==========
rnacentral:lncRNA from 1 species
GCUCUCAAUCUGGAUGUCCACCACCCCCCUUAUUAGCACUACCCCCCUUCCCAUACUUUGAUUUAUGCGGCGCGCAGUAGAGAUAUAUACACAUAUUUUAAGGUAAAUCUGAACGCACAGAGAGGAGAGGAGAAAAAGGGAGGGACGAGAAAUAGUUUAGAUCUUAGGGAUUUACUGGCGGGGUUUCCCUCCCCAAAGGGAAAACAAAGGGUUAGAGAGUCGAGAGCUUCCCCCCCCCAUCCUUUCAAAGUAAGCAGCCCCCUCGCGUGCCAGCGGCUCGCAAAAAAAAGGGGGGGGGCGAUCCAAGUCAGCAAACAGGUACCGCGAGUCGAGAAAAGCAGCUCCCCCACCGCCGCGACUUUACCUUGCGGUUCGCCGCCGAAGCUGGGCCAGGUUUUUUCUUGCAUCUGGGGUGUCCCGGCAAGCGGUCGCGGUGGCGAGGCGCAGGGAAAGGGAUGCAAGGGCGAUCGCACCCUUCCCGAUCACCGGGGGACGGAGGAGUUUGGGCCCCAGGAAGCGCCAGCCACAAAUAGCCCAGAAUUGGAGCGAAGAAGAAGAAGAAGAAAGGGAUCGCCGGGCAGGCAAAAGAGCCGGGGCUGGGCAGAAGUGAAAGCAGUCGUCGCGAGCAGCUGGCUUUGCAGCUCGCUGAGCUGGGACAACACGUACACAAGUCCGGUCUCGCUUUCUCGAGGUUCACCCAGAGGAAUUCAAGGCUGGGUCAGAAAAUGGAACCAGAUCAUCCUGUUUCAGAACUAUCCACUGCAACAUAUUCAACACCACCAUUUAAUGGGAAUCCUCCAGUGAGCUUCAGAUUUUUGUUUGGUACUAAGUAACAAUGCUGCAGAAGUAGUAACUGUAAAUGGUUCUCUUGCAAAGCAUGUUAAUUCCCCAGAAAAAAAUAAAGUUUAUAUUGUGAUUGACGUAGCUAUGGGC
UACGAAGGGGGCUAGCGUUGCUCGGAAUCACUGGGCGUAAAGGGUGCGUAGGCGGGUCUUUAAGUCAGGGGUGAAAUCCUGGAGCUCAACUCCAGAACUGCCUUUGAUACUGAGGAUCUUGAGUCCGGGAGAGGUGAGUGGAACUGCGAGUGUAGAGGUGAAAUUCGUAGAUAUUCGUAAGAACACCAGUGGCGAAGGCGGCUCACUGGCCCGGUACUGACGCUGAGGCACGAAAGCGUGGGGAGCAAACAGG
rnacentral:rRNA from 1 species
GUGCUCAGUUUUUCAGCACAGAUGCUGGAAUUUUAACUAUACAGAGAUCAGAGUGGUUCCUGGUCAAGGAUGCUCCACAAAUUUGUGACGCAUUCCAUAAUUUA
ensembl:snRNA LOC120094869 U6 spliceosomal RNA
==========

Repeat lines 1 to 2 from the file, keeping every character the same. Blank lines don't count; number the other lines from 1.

rnacentral:lncRNA from 1 species
GCUCUCAAUCUGGAUGUCCACCACCCCCCUUAUUAGCACUACCCCCCUUCCCAUACUUUGAUUUAUGCGGCGCGCAGUAGAGAUAUAUACACAUAUUUUAAGGUAAAUCUGAACGCACAGAGAGGAGAGGAGAAAAAGGGAGGGACGAGAAAUAGUUUAGAUCUUAGGGAUUUACUGGCGGGGUUUCCCUCCCCAAAGGGAAAACAAAGGGUUAGAGAGUCGAGAGCUUCCCCCCCCCAUCCUUUCAAAGUAAGCAGCCCCCUCGCGUGCCAGCGGCUCGCAAAAAAAAGGGGGGGGGCGAUCCAAGUCAGCAAACAGGUACCGCGAGUCGAGAAAAGCAGCUCCCCCACCGCCGCGACUUUACCUUGCGGUUCGCCGCCGAAGCUGGGCCAGGUUUUUUCUUGCAUCUGGGGUGUCCCGGCAAGCGGUCGCGGUGGCGAGGCGCAGGGAAAGGGAUGCAAGGGCGAUCGCACCCUUCCCGAUCACCGGGGGACGGAGGAGUUUGGGCCCCAGGAAGCGCCAGCCACAAAUAGCCCAGAAUUGGAGCGAAGAAGAAGAAGAAGAAAGGGAUCGCCGGGCAGGCAAAAGAGCCGGGGCUGGGCAGAAGUGAAAGCAGUCGUCGCGAGCAGCUGGCUUUGCAGCUCGCUGAGCUGGGACAACACGUACACAAGUCCGGUCUCGCUUUCUCGAGGUUCACCCAGAGGAAUUCAAGGCUGGGUCAGAAAAUGGAACCAGAUCAUCCUGUUUCAGAACUAUCCACUGCAACAUAUUCAACACCACCAUUUAAUGGGAAUCCUCCAGUGAGCUUCAGAUUUUUGUUUGGUACUAAGUAACAAUGCUGCAGAAGUAGUAACUGUAAAUGGUUCUCUUGCAAAGCAUGUUAAUUCCCCAGAAAAAAAUAAAGUUUAUAUUGUGAUUGACGUAGCUAUGGGC